What is the new Armed Forces Covenant Duty?
The new Covenant Duty places a legal obligation on public bodies to pay ‘due regard to the principles of the Covenant’ and requires decisions about the development and delivery of certain services to be made with conscious consideration of the needs of the Armed Forces community.
Who does the new Duty affect?
The new legal obligation impacts organisations that are responsible for delivering principally statutory functions in healthcare, education, and housing services. The Armed Forces community will be affected as beneficiaries of the new Duty.
What will the new Armed Forces Covenant Duty do?
The new Covenant Duty, coming into effect later in 2022, will raise awareness amongst organisations that provide services in healthcare, education, and housing of how Service life can impact on the Armed Forces community, and how disadvantages can arise due to Service when members of that community seek to access key local services.
The Duty will require organisations delivering local services to pay due regard to the Covenant principles when exercising functions in the areas of housing, healthcare, and education.
“Due regard” means that organisations in scope of the Duty will need to consciously consider the unique obligations and sacrifices made by the Armed Forces; that it is desirable to remove disadvantages faced by the Armed Forces community; and that special provision may be justified in some circumstances.
Why has this new Duty been introduced?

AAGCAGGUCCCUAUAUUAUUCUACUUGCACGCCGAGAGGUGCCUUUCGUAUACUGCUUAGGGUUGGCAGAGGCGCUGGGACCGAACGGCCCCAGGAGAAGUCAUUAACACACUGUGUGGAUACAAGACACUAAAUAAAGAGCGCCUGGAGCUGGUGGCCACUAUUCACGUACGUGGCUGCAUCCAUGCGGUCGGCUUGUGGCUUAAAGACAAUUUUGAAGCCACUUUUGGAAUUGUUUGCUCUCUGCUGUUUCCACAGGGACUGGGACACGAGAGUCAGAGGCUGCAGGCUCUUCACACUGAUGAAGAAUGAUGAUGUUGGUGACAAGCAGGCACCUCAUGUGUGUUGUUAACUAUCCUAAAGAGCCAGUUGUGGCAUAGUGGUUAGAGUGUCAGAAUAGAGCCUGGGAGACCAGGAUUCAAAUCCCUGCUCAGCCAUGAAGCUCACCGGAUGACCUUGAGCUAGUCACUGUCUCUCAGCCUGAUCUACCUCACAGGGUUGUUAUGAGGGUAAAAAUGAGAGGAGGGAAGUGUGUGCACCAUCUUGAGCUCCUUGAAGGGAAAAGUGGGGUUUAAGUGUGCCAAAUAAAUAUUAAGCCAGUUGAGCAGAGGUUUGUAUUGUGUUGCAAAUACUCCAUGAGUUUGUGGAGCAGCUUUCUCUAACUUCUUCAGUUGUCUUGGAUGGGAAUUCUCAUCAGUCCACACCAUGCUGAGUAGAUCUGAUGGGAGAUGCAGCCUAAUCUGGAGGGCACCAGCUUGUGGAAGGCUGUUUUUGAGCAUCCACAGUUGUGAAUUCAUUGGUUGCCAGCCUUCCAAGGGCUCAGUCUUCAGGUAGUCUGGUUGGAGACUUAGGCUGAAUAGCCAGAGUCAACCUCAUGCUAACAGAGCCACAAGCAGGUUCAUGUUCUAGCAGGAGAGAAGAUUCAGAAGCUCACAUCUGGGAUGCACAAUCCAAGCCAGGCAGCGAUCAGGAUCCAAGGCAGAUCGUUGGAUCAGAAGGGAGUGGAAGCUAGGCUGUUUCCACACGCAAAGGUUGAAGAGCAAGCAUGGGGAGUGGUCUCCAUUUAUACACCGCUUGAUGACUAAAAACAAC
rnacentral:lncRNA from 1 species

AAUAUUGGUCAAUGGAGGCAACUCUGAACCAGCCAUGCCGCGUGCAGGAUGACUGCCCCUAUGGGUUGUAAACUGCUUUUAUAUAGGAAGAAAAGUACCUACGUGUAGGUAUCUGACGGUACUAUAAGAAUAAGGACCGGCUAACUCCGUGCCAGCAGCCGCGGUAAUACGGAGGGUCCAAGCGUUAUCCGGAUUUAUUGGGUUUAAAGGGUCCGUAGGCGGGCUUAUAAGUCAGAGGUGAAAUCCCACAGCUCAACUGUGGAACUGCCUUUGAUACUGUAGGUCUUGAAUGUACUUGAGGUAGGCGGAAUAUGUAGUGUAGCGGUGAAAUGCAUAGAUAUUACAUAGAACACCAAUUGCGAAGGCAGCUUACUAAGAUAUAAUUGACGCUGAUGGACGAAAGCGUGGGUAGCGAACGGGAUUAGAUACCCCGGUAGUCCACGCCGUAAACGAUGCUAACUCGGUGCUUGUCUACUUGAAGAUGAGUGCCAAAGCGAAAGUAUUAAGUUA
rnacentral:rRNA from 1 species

There has been good progress under the Covenant to date, but more work is needed to improve consistency of delivery. The increased awareness that is inherent in the new Duty will help to improve delivery as understanding grows.
There is no desire to add an administrative burden unduly on organisations. The legislation has been designed around a Duty to pay due regard, as this is the best way to minimise any burden placed on service providers while maximising the wider impact of Covenant delivery into the future.
How will this affect the Armed Forces community?
Service life affects serving personnel, veterans, and their families in many ways. Whether it’s through frequent house moves, separation from loved ones and support networks or unfamiliarity with civilian life, for example, they can find themselves on the back foot when accessing public goods and services. The Covenant Duty will raise awareness amongst providers of public services, like schools and hospitals, about how Service life can impact the Armed Forces community. In turn, this will lead to more informed policymaking as these organisations will better understand the uniqueness of Service and how this can cause disadvantage accessing these services compared to civilians.